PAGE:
|dc.description.abstract||Objective: To conduct a population based study of brain arteriovenous malformation (AVM)
Methods: Multiple, overlapping sources of case ascertainment were used to establish the point prevalence
of brain AVMs in the adult population of the Lothian health board of Scotland. Patients were
sought retrospectively from all local general (family) practitioners, neurologists, neurosurgeons, stroke
physicians, the specialist AVM clinic at the regional neuroscience centre, and routine coding of hospital
discharge data. Case notes, brain imaging, and pathology reports were reviewed to validate each
patient’s diagnosis and to ensure that each was alive, over the age of 16 years, and resident in the
geographical area of the study on the prevalence date of 30 June 1998.
Results: Of 148 potentially eligible people, 93 adults met the inclusion criteria. There were 40 women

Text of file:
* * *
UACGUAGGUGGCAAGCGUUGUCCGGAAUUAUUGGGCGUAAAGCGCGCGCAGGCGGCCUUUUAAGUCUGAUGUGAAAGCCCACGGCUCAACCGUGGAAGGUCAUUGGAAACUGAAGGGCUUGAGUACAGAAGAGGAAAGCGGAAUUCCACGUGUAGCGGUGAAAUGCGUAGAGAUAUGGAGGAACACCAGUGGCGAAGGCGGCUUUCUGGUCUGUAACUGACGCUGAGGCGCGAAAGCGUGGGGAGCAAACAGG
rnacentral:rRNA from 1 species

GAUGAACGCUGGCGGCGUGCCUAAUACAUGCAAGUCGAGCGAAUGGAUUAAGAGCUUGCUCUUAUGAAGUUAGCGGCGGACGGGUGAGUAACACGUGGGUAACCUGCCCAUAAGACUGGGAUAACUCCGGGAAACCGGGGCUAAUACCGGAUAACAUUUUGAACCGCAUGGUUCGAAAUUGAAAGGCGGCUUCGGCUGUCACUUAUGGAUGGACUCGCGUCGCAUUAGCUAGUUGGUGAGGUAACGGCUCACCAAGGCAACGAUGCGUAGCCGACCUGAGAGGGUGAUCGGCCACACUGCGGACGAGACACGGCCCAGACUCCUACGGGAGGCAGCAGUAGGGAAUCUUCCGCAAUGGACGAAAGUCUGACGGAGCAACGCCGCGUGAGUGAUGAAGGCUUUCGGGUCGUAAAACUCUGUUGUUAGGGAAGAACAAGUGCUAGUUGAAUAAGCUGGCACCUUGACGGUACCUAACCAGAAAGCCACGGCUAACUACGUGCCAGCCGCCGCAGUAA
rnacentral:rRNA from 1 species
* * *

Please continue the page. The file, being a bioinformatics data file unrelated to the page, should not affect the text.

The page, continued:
and 53 men. Men were significantly younger than women on the prevalence date (median age 39
years v 51 years, p = 0.003). Of those included, 25 (27%) had radiological evidence of prior therapeutic
obliteration of their brain AVM and 9 (10%) had coexisting aneurysms. The minimum crude
brain AVM prevalence was 15 per 100 000 adults and capture-recapture analysis gave an ascertainment
adjusted prevalence of 18 (95% confidence interval 16 to 24) per 100 000 adults.
Conclusions: The minimum estimate of brain AVM prevalence helps to assess its burden and
comparative epidemiology and stresses the importance of brain AVMs as a cause of long term disability